Ga. Tech deals Clemson a stinging defeat

Tigers rally from early 24-0 hole, but Jackets' late drive wins the game

pstrelow@thestate.comSeptember 11, 2009 

  • By the numbers

    14: C.J. Spiller’s 63-yard touchdown catch in the second quarter was his 14th touchdown of 50 yards or more, and his third against Georgia Tech. It was the fourth longest touchdown reception of his career at Clemson. He had a touchdown run of 50 yards and a touchdown catch of 50 yards against Tech in 2006.

    85: Georgina Tech’s Jerrad Tarrant’s 85-yard punt return for a touchdown in the first quarter was the fourth longest punt return in history against Clemson. It was the longest since Peter Warrick of Florida State ran a punt back 90 yards in 1998.

    82: Georgia Tech’s Anthony Allen’s 82-yard touchdown run in the first quarter ties for the third longest run against Clemson all-time and is the longest since Davey Ford of FSU ran 82 in 2000. Davey Ford is the brother of Clemson receiver Jacoby Ford.

    2: Clemson’s DeAndre McDaniel recorded his second interception of the game in the fourth quarter. He also had a pick in the first quarter. It was his first career multi-interception game. He has three for the season.

    77: Jacoby Ford’s 77-yard touchdown catch in the third quarter was the longest reception of his career. It was his eighth career touchdown of 50 or more yards. He had five catches for 109 yards.

    Rick Millians

ATLANTA — A holding penalty negated Clemson’s best chance to take control of the game. Then run-heavy Georgia Tech and wide receiver Demaryius Thomas trumped the Tigers through the unlikeliest of avenues — the air.

The Tigers’ 30-27 loss on Thursday night at No. 15 Georgia Tech looked a lot like coach Dabo Swinney’s first game last season, a 21-17 home loss to the Yellow Jackets.

But this year’s game has one difference, Swinney said.

“If we can harness that effort, that will to win, we’re going to have a special year,” Swinney said. “There’s no doubt in my mind. Maybe we’ll see this team down the road. This was a good football team. We’re going to be a good football team.”

The difference between the two teams was that the Yellow Jackets (2-0, 1-0) made the critical play at the end, and that led to Scott Blair’s game-winning 34-yard field goal with 57 seconds remaining.

In a scene reminiscent of last year’s opening-game debacle against Alabama, the Tigers were embarrassed from the onset, falling in a 24-0 hole early in the second quarter and quashing any thought that this game would continue the series’ recent history of nail-biters.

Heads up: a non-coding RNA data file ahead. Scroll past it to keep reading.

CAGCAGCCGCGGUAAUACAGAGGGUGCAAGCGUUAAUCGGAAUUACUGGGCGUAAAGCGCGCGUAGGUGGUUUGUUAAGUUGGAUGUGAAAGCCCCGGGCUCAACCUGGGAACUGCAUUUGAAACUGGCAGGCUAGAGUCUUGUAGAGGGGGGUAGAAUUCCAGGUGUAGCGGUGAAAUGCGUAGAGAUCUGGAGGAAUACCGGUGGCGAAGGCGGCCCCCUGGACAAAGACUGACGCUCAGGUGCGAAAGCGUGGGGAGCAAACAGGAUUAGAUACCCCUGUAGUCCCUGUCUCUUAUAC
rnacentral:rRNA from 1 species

The fallout from that Alabama loss seemed to be the inspiration behind Swinney’s postgame session with the media, where he echoed a passionate pledge that Clemson would not allow the negativity that splintered Tommy Bowden’s team last year to infiltrate again.

“That’s the difference in this year’s team, we stayed together,” senior running back C.J. Spiller said. “Last time we were down here (Atlanta), we kind of splintered against Alabama, yelling at each other. But we kept believing, and that really shows the leadership on this team.”

Not to mention its explosive potential.

Behind a 261-yard, three-touchdown passing performance from redshirt freshman quarterback Kyle Parker — making his second start — Clemson rallied to go ahead 27-24 on Richard Jackson’s 53-yard field goal with 11:33 remaining.

But Georgia Tech responded with a 34-yard tying field goal with 5:40 left, and then it was deja vu for Dabo all over again.

• Last year, with Clemson trying for the go-ahead touchdown, lineman Thomas Austin was penalized for holding on a 27-yard completion to Jacoby Ford on fourth-and-12 from the Clemson 42 with 2:42 to go.

This year, with 3:14 left, a holding call on Austin wiped out a 39-yard pass to Ford on third-and-11 that would have positioned the Tigers at Georgia Tech’s 18.

• Last year, 6-foot-3 Georgia Tech receiver Demaryius Thomas had a 23-yard catch against 5-9 corner Chris Chancellor to convert a third-and-14 on the team’s game-winning drive — which ended with a Thomas’ 24-yard scoring catch versus Chancellor with 5:22 remaining.

This year, with 1:38 left, Thomas got behind Chancellor on a post corner and hauled in a 39-yarder on third-and-11, putting the Yellow Jackets at the Clemson 27.

“We didn’t generate enough rush,” defensive coordinator Kevin Steele said of the play. “Against a normal team, we probably could have pressured that to win the game, pressured and cut it loose. But with these guys, you don’t know what you’re going to get.”

Which aptly described the entire contest.

For most of the first half, it appeared that Clemson’s only solace might be C.J. Spiller’s 63-yard touchdown catch in the second quarter — which snapped the team’s stretch of nine quarters without a touchdown at Bobby Dodd Stadium.

Swinney admitted to being “out-coached” in the first quarter as Georgia Tech struck three big plays — an 82-yard touchdown run on the Yellow Jackets’ second play from scrimmage; an 85-yard punt return score when Jackson failed to pooch-punt out of bounds on an odd fake 57-yard field goal; and a 34-yard touchdown pass to Thomas when the Tigers were caught napping on a fake field goal.

“Outside of that, the Tigers dominated,” Swinney said. “It’s very disappointing.

“In a tough environment, they showed heart and toughness. They didn’t quit.”

Swinney reiterated to the team that no ACC champion since 2000 has gone undefeated in conference play and that all of the team’s goals remain intact heading into Saturday’s noon home game against Boston College.

“This game isn’t going to break our season,” Spiller said. “We can’t let this one beat us twice.”

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